slower than you
Ray does a much better job of telling the origin story behind the burrito's name than i ever could. Folks will just have to find an early edition of his book if they want to read it.You wrote a story about Lost Burrito without explaining how it got it's name. Some writer you are.
Plus, there is some interest in building a new and improved Lost Burrito Trail, once the new Brookbank Trail is completed. Not official interest, involving the Forest Service, but rather interest from people who ride bikes, who are willing to cut in a new trail that doesn't excede an 8% grade. You might want to ride a trail like that more than once every five years.
not calderas: collapsed lava domes: got it. i have so amended my blog.Great story Rocky! It's probably been 4 or 5 years since I've ridden or HAB down that lovely bit of fall line sheep trail but your prose brings back memories. The second Dry Lake meadow is a little hidden gem. Oddly enough, according to the expert on such things the Dry Lakes are not calderas but rather some sort of collapse feature related to formation of the Lave Dome or domes that created Dry Lake Hills.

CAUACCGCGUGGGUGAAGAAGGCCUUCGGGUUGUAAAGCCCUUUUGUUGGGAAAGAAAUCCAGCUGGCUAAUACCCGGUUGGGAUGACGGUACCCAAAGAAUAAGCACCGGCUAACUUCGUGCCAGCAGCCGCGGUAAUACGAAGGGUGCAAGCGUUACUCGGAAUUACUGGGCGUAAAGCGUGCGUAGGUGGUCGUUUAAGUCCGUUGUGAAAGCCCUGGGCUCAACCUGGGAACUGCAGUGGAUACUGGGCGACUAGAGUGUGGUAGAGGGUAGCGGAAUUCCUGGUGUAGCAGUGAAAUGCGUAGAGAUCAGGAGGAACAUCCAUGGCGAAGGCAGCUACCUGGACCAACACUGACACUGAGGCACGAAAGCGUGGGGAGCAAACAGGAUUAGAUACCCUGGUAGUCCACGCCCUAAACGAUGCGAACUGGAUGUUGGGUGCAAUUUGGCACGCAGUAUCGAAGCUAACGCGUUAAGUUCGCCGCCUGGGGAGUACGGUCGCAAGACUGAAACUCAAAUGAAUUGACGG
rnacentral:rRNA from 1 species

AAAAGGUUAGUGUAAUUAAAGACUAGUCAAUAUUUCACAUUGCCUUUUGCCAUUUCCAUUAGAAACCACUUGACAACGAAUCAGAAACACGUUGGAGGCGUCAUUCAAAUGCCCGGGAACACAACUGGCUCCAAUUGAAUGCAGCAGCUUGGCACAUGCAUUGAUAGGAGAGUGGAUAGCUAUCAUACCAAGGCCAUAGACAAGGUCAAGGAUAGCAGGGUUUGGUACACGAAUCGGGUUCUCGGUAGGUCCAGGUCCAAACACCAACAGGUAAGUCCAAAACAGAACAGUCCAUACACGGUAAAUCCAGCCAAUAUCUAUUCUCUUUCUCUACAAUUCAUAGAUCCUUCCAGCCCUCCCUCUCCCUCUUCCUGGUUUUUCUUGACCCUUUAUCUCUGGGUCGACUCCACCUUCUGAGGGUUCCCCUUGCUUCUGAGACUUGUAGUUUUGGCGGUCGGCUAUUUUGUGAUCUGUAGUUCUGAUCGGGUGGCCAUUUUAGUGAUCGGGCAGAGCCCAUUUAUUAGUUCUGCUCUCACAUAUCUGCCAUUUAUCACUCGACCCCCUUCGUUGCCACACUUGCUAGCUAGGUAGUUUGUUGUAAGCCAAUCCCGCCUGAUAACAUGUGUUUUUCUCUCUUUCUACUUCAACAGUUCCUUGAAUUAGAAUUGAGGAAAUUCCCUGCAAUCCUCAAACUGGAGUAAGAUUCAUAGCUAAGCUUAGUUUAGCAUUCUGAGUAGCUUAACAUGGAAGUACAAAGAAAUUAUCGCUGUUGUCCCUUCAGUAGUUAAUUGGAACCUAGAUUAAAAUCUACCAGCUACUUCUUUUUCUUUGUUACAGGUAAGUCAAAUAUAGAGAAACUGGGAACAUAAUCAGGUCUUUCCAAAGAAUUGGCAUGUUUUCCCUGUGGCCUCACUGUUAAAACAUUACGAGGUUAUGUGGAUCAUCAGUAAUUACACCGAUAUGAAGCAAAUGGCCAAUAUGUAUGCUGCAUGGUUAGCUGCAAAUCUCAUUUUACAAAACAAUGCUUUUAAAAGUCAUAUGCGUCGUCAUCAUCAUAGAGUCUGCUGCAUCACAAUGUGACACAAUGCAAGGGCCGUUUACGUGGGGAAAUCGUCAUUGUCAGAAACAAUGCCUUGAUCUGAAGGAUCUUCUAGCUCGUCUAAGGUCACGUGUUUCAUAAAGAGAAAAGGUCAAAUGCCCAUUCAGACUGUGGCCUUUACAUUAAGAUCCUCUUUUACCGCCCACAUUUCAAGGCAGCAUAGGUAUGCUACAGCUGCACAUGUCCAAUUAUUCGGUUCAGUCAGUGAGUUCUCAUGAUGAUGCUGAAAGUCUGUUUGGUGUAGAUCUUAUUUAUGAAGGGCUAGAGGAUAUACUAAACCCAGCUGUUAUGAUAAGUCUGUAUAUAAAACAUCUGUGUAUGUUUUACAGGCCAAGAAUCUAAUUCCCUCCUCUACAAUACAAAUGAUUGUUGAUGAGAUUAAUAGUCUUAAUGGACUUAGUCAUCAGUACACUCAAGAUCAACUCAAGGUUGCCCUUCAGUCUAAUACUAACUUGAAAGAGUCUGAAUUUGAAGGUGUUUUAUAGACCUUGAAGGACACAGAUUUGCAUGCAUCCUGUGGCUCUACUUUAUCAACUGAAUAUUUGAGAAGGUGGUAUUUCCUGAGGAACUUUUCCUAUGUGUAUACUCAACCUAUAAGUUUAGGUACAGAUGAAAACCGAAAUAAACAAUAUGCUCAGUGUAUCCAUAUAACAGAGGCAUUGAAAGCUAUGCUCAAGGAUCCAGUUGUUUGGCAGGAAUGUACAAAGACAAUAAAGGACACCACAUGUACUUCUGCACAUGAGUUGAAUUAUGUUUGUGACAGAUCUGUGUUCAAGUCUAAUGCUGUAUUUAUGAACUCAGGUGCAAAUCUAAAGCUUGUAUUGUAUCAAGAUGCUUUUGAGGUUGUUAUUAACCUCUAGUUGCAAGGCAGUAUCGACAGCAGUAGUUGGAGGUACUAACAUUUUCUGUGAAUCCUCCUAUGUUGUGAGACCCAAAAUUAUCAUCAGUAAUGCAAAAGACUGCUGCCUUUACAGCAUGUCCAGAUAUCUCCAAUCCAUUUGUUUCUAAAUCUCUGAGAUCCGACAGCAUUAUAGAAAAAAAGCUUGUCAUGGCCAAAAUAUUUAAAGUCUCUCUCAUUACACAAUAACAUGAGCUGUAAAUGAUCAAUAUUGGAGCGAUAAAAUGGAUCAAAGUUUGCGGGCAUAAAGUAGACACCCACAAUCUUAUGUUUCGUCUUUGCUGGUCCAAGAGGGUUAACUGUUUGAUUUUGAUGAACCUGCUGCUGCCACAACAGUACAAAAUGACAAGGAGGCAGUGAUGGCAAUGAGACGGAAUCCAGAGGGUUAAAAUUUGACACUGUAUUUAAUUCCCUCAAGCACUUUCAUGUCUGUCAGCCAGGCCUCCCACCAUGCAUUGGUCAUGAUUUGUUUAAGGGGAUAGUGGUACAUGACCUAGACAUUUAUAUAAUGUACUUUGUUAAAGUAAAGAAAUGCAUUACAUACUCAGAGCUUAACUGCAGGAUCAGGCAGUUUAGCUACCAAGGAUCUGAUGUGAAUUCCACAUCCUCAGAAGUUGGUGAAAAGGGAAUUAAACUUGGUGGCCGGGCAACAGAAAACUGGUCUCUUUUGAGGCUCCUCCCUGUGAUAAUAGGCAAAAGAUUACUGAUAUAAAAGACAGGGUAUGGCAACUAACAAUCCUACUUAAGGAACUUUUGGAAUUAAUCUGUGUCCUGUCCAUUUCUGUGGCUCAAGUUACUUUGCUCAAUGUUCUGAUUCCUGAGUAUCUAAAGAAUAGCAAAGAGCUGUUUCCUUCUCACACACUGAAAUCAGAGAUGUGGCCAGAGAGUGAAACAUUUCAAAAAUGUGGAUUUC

I took said expert volcanologist that sold you that sweet late 80s Rock Lobster on Lost Burrito way back when on his first ride on clipless pedals. He was not pleased.
i love your vision quest on the trail you can see from home. I can see Bell Pass from my backyard...i feel it bro! master it, its your backyard, your white whale! :thumbsup:A little blogging about my ride on The Lost Burrito trail today: RockyChrysler™: One Waterbottle and Imminent Danger